kos [because?] Iv [if?] I do not wish you to understand that
envy Joseph of his farm no I am not one of these men that reflects
afterwards what I have done i wish Joseph and family every prosperity
and it will add to my joy to hear if his prosperity is that same farm
And let me tell you brother Joseph had you been as carefull [careful?]
the first two or three years as I had to bee [be?] you could have
aid yourself at all your debts Court as I undrestand that God has
blessed you with prosperity beyond what you get yourself had exprested
[expressed?] when you and I parted I think it is too ungratefull
[ungrateful?] to treat sister so coldly fir [for?] brother
it makes me feel verry [very?] much when I look at my self in
nearly the same situation as sister I may be in a short time unfit
to provide for myself and [Corsart?] and you may say I have but
mothey [mostly?] a strange man of which we can blaim [blame?]
friendship I thought a year ago when I had nearly all my assourts
[assorts?] in this plase [place?] Settled up that I could have set
something across the Atlantic but my hope is entirely blasted and
and I cannot tell what may be the Consequences I cannot say that
I want either food or rariment as yet but I can say that I want
monney [money?] badly there is little to do and for what is done
there is nothing but paper and that is of no use I shall close up
this part of the letter by saying as soon as times changes I shall
indeaveur [endeavour?] to send sister a few dollars Ann and Matilda
would have sent with Eliza Nimicks a present had the [they?]
been on friendly terms with us but a night or two before she went
up to John Henebrys as the court some friendship with Johns mother
and there the [they?] let fly all the artillery of Handen the cout
[court?] against us but all that I have to say is the [they?] can
hurt no persons carreslon in this plase [place?], which is no credit
for me to say it is likely that cousin Mary Jane has heard her
Brothers Samuel death it was caused by a [fall?] of [off?] his hoars
[horse?] on the [their?] own and it mortified about 5 weeks ago
he dead
You may next tell of the figments with [-----?] we [---?] wanted
with in this plase [place?] this year there is what is called of
where it to be the same as it shapen of in the 2 Chapter of the
soel [sole?] it is called the patmen worn my great army where ever
the [they?] go the [they?] leave a barren wase [waste?] [beking?]
the meadow the oats and the garden corn. the [they?] are not just
so bad on the [--heat?] if it be well that there is manny [many?]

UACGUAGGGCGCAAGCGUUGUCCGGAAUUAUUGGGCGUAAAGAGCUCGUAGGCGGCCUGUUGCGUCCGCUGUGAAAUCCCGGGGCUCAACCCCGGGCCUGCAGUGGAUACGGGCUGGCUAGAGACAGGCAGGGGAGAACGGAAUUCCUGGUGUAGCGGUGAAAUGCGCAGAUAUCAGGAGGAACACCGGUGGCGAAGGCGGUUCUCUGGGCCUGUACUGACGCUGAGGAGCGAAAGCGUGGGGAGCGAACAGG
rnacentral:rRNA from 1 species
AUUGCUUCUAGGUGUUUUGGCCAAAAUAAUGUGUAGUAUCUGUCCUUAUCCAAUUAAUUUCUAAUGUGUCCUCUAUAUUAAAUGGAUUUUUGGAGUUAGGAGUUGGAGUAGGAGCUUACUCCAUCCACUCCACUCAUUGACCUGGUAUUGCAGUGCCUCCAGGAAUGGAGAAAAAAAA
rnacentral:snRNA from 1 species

farmers ploughing up the ground planting corn if it be a moderate
fall it will do but at annyrate [any rate?] it will make feed for
cattle you will like to know feel [conserrmy?] the man I am not
much afraid of men in this plase [place?] while Missuria [Missouri?]
is generally in [vmon caulmere?] Missouria [Missouri?] to turn over
and the South have it in power we would be in danger for Sharla and
Eden have been the first [cillys?] of refuge to the Hare [belmet?]
Missoarea [Missouri?] and Cannada [Canada?] but we looking every
news [newspaper?] for wor [work?] in many parts of this nation
my opinion is that if no other foreign assist the north that the
war will not be long but I believe as long as it lasts it will
a bloody war if you see John Carson you may let him now that I
will write to him in a few days Robert Anderson posted a letter
to his father a week ago and John Henebry sent one with Eliza
Nimicks the farmers wheat crop took well this seasin
[season?] if not hurt by the worm ego and butter is cheap now
an amount of the man the egs [eggs?] is as sorr [soar?] as
5 cents per dozen and butter 7 and 8 cents per [?] I now with
Ann Matilda and Corsirt send our best respects to you all sisters
and brothers and to sister Jane in Particular and I woul [would?]
say to sister Jane as the angel said to hagar [sulemit?] yourself
to your [missbuss?] [nilerever?] that may be and may the god of
all grase [grace?] bless each and every one of you is the prayer
of yours Ann and Samuel Nimicks

So in your letter you wish to be [epsuired?] and may here make
the Same remark for I am Subject to make mistakes
I sent you some paper about a month ago or mor [more?] to
have sent you more but I think you are in the habit of getting
the news as live as I can me [asert?] the daily news but the
[unreadable] verry [very?] often contradict eashother [each other?]
there is so much [exei?] tennent up that you cannot believe even
the one half that is in them